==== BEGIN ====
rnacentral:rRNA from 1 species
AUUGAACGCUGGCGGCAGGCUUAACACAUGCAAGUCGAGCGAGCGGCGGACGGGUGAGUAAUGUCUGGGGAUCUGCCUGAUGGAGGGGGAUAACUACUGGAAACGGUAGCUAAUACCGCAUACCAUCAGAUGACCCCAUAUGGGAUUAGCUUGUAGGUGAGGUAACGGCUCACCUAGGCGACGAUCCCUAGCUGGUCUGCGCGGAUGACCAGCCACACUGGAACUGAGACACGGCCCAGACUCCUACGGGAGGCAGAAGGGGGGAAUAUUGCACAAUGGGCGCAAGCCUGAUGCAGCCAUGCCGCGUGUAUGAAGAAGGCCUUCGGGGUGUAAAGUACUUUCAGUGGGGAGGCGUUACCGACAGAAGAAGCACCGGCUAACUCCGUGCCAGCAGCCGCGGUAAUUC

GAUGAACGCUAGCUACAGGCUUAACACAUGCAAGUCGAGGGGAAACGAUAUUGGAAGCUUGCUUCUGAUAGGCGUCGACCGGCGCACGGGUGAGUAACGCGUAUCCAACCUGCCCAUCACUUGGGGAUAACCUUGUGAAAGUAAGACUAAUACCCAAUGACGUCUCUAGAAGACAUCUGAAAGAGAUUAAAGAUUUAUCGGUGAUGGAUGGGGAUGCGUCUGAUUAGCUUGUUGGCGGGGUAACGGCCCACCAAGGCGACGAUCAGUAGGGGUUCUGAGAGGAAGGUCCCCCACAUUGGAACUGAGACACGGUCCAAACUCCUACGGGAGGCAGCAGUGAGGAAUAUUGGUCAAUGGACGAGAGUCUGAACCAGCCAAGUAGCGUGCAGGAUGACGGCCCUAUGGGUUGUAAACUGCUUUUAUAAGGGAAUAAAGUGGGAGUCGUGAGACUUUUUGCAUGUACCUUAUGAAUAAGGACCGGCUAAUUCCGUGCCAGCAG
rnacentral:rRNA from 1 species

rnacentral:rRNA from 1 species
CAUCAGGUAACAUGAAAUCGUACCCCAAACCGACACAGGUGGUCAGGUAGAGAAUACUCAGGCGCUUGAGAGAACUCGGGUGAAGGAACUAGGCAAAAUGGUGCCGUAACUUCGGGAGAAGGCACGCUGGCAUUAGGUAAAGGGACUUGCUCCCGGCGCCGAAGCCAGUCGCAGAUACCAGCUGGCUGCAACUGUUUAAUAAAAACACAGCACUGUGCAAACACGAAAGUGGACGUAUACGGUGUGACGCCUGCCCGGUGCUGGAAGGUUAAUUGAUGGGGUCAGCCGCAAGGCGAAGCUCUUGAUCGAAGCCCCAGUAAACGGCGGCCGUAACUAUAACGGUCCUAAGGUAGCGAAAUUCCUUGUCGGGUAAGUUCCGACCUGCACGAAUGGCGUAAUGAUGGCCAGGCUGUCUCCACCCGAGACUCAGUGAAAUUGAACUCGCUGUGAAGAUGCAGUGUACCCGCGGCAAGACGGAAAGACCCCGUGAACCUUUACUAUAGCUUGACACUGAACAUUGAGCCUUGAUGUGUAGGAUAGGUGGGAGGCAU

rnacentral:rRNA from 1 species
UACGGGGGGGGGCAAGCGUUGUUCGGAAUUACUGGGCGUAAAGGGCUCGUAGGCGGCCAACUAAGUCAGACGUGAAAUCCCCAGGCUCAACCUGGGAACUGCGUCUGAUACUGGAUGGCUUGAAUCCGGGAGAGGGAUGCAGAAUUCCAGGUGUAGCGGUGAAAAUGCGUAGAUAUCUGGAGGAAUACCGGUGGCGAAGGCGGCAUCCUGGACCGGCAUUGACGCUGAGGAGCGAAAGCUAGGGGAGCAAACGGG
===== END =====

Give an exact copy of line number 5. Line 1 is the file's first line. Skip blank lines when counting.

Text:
rnacentral:rRNA from 1 species